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a more prosperous condition. The degree of D. D. was conferred on the Rev. John G. Lorimer of Glasgow, Scotland, and the Rev. Edward D. Smith of New York; and that of LL. D., on William P. Finley, President of the College of Charleston, South Carolina, and on the Hon. Judge Wayne, of Savannah, of the U.S. supreme court.

UNIVERSITY OF PENNSYLVANIA.-Commencement celebrated in the Chinese Museum, Philadelphia. The degree of A. B. was conferred on nineteen graduates; of A. M. on thirty, and of M. D. on nine.

RUTGER'S COLLEGE, (Reformed Dutch,) New Brunswick, N. J., July 25.Graduates thirteen. Degree of A. M. conferred on ten alumni. Honorary degree of D. D. on Rev, David Landsborough, of the free presbytery of Irvine, Scotland. Honorary degree of LL. D. on the Hon. Jas. Buchanan, Lancaster, Pa.

UNIVERSITY OF MICHIGAN, Marshall, Mich., July 18.-Graduates, twentythree. No honorary degrees. Address before the Society of Inquiry by Rev. Prof. Thomas Stone, of the Baptist theological seminary at Kalamazoo; and before the literary societies, by Hon. Lewis Cass.

COLLEGE OF ST. JAMES, (P. Episcopal,) near Hagerstown, Md. July 26.Degree of A. B. conferred on four graduates, and of A. M. on two members of the class of 1846.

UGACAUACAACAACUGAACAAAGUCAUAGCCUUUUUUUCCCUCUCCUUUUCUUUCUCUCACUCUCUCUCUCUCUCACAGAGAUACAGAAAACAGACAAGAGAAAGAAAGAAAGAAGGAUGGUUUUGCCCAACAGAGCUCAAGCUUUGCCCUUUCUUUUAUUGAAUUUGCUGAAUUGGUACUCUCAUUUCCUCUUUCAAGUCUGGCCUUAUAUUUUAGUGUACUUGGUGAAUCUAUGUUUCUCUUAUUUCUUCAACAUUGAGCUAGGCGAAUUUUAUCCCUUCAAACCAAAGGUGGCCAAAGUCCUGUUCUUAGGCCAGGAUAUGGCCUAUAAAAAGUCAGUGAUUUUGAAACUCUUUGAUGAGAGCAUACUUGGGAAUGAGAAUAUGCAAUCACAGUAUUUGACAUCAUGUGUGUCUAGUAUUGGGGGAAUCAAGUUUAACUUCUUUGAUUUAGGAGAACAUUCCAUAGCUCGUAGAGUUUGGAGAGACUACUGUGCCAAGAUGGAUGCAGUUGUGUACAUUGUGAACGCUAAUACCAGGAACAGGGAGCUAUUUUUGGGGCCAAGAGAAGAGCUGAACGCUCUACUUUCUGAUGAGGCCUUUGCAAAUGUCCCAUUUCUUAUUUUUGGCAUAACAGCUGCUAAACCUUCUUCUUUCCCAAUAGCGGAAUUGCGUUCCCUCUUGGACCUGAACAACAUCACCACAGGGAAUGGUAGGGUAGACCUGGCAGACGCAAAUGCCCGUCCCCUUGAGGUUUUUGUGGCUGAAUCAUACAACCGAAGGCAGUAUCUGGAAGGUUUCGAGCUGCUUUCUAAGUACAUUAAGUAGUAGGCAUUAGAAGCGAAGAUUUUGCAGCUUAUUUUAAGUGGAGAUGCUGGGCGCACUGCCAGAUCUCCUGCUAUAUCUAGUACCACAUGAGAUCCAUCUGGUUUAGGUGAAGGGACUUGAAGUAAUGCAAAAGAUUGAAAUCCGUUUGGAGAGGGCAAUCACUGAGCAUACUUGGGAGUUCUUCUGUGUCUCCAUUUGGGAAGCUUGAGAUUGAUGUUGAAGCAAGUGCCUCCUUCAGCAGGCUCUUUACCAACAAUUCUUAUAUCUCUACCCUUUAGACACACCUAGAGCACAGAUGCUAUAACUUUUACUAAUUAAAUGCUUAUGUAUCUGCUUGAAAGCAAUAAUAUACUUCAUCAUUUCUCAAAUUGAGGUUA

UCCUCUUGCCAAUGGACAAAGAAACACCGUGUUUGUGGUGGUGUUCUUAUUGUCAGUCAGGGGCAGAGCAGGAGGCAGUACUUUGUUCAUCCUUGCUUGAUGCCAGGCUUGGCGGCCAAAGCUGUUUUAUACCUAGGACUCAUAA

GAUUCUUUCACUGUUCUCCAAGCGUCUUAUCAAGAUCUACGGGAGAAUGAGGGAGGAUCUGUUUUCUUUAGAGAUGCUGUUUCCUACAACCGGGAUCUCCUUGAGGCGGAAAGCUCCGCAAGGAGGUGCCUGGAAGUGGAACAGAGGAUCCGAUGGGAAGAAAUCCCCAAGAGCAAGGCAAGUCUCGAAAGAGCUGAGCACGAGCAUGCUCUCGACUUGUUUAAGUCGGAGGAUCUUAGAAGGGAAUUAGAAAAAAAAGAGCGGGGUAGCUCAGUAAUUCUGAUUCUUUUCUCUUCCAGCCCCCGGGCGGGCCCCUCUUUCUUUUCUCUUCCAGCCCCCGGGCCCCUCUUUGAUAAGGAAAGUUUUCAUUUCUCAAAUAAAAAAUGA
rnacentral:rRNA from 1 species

WILLIAMS COLLEGE.-At the annual commencement the class of graduates consisted of fifty-two. The degree of D. D. upon Rev. Parsons Cooke, of Lynn, Mass., and Rev. Asa D. Smith, of the city of New York.

COLUMBIA COLLEGE.-The annual commencement of this institution was celebrated on the 2d inst., in the Church of the Crucifixion, Dr. Moore, the president, in the chair. Gen. Winfield Scott, and quite a number of distinguished literary and professional gentlemen were among those present. The degree of LL. D. was conferred on the Rev. R. W. Harris. Fifteen gentlemen received the degree of A. M. Gen. Dix delivered the address before the Peithologian and Philolexian Societies.

GENEVA COLLEGE, (Episcopal,) Geneva, N. Y., August 1.-Hon. degree of D. D. conferred on Rev. William D. Wilson, and Rev. J. F. McLaren. Hon. degree of LL. D. on Henry R. Schoolcraft and Hiram Denio.